'Hardspace: Shipbreaker'
Image credit: Focus / Blackbird Interactive

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    Image credit: Focus / Blackbird Interactive

    ‘Hardspace: Shipbreaker’ is a puzzle-solving parable

    ‘Dying is extremely unprofitable’
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    Hardspace: Shipbreaker is a game from Canadian studio Blackbird Interactive that launches in Steam Early Access on June 16th. You play as a shipbreaker, tasked with the dangerous job of cutting up disused spaceships to salvage their contents. Wearing nothing but a spacesuit and armed with a laser cutter and tether, your mission is to make enough money from these hulks to earn your freedom. But each vessel is packed with hazards that can kill you in an instant if you make a mistake. 

    In the game, you emerge from your habitat module and jetpack over to where today’s job floats in front of you. These vessels aren’t clean and tidy, however, and you have live electricals, fuel tanks and pressurized cabins to deal with. That means that you can’t simply go in blazing with your laser cutter — well, you can, but you’ll not live to regret it.

    Instead, you need to act strategically, pulling apart the ship’s external equipment and hacking off any external hardware before venturing inside. Because the cabins are pressurized, you’ll need to gently find a way of getting the high-value gear left inside, like computers and chairs, outside. There, you’ll drop them into a barge that sits below the drydock and tells you how much cash you’ve earned. Only when you’ve picked it clean can you depressurize the hulk and start pulling the ship’s superstructure apart. That’s where the most volatile and valuable prizes sit, including the ship’s still-working nuclear reactor. 

    But one false move with your laser cutter, or if you dismantle a system in the wrong order, and it’s curtains. Hit a fuel line and it’ll explode, damage a power junction and you’ll get shocked, and puncturing the hull inside a pressurized cabin will cause it to explode. If a piece of flying debris hits you too hard, or you crash into it at speed, then you’ll feel it. And that’s before you get to the problems of your equipment failing and setting you on fire, or you run out of oxygen.

    In my experience, the game works best when played with a gamepad rather than keyboard and mouse, all the better to move in zero-gravity space. Having 360 degrees of movement feels unprecedented for this type of game, and something you’ll need to master early on if you don’t want to feel lost. “It’s a really important part of the game to get your bearings in the salvage bay,” says Trey Smith, the game’s director, “because [otherwise] it’s the Ender’s Game thing where you don’t know which way is up.”

    The game’s main conceit is that you — the game asks for your real name when you start — have escaped a miserable life on a deserted, ruined Earth. To do so, you signed your life away to the omnipresent, sinister Lynx Corporation, which, essentially, now owns you. By covering the millions of dollars to get you into space, Lynx subsequently charges you for everything, so you are in the company’s constant debt.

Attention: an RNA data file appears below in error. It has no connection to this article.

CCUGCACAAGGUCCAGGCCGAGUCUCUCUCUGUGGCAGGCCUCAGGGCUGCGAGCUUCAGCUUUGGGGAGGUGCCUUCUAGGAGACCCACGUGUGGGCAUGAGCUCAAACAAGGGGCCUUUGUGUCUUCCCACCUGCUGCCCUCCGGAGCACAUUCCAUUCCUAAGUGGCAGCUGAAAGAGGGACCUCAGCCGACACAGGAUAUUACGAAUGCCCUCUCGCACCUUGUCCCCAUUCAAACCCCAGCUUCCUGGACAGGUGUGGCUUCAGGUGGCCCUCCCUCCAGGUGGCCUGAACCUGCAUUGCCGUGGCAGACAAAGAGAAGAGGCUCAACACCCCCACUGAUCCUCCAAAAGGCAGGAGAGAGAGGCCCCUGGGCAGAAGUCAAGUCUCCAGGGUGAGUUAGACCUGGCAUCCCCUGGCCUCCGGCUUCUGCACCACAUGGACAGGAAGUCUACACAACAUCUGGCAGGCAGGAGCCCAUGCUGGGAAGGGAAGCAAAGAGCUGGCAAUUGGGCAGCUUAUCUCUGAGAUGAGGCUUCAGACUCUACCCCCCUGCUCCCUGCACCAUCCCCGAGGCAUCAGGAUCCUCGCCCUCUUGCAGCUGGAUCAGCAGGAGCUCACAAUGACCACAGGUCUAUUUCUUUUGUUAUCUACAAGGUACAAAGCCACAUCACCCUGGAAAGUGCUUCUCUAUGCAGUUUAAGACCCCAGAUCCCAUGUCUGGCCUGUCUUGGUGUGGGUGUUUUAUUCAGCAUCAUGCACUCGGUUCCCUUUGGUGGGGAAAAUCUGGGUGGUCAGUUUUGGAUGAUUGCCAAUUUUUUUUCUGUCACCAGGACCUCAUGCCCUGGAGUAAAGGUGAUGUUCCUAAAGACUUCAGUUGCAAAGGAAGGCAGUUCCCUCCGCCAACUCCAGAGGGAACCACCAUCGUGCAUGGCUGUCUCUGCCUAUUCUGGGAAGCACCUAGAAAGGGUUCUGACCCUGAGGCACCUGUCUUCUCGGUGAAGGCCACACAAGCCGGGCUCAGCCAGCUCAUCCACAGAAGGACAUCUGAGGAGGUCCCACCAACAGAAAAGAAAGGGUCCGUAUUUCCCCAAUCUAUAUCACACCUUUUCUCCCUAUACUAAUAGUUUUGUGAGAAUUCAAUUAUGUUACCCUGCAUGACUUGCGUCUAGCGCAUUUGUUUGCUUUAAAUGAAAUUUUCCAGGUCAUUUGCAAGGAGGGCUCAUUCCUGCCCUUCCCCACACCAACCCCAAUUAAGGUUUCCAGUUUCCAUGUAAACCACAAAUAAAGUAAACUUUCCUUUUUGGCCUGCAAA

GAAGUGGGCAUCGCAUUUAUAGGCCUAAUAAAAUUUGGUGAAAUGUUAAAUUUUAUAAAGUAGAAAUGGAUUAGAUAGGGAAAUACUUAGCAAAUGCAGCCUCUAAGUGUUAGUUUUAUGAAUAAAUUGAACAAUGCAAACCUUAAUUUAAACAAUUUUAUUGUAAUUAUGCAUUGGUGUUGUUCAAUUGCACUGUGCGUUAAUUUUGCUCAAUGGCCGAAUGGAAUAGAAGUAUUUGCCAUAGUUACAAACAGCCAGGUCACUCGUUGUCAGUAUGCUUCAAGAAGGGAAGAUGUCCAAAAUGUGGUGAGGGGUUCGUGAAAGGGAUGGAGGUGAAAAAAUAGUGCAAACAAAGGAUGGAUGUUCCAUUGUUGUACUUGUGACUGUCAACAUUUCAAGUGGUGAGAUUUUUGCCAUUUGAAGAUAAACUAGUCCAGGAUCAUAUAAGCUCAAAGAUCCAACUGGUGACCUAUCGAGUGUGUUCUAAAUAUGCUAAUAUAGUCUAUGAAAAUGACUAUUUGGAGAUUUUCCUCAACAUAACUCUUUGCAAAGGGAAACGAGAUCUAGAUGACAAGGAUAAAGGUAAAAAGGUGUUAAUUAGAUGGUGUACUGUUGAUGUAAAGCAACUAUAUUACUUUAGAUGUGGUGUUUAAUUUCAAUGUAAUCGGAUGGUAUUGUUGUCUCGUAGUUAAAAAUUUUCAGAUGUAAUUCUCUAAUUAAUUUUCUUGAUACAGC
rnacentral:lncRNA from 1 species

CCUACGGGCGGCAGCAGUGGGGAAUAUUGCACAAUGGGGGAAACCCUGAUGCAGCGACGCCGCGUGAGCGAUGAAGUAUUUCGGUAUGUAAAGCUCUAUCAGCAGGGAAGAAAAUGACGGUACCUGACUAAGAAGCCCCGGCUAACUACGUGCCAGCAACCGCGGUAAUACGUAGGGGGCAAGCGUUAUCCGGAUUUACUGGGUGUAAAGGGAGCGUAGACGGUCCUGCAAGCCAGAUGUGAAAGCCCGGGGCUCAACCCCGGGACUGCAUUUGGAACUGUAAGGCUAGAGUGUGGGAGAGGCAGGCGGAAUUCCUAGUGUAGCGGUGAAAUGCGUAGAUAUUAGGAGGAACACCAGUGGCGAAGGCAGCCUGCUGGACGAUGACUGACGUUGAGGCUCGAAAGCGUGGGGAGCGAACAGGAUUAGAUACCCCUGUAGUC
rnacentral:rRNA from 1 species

And, every time you die, Lynx resurrects you at a substantial cost, which is added to your total debt. Plus, every time your shift ends, you have to pay costs to the company, including renting your equipment (which you pay to maintain) and your living quarters. You’re essentially signed up to a life of bonded labor, a form of modern slavery that the International Labour Organization says affects millions of people all over the world. 

    “There’s a part in the progression where it feels like you're getting buried, and that was by design,” says Smith. “But as you progress and earn certifications and get better tools, and can access these more expensive ships,” he said, “you’ll see a light at the end of the tunnel.”

    I’ve been playing for around eight hours now, and I know my way around the game’s first class of vessel relatively well. There are moments when a plan comes together, and you make the right cuts in the right order and everything floats to their intended destination. When you’ve mastered the initial game and things start to click for you, it’s hard not to get engrossed in it. The kick you get from successfully deboning a starship is strong enough that you just can’t wait to get back to do it again. 

    In fact, a quick one-hour session to test the game quickly spirals to eating a whole evening as you get engrossed in your current project. “We target flow,” said Smith, “the player just gets immersed into the experience and the real world melts away.” It’s serene and satisfying to float around making a plan and working out how best to tackle each ship in turn. 

    The one annoyance is that the game caps your oxygen supply to a level I found frustrating at best, and punishing at worst. Finish the tutorial section and you’re given a 250-second window to do some salvage and race back to the habitat module to buy another oxygen canister. Smith says that this is to help players learn the geography of the bay with the constant shuttling back and forth, as well as teaching them to use the grapple to get there and back faster. 

    The tight window is also to help reinforce Smith’s notion that this is “blue-collar” work — a 15-minute shift, broken up into 250-second loops. The further up the tech tree you go, the bigger your oxygen tanks can get to extend the loop when the ships get more complex. It’s the one thing that didn’t click for me as it acts as a needless distraction that breaks up the puzzle-solving elements of the game. It’s tough enough already, I think, to extract the gear from each vessel without dying, before you add the busywork of running back and forth to top up your air.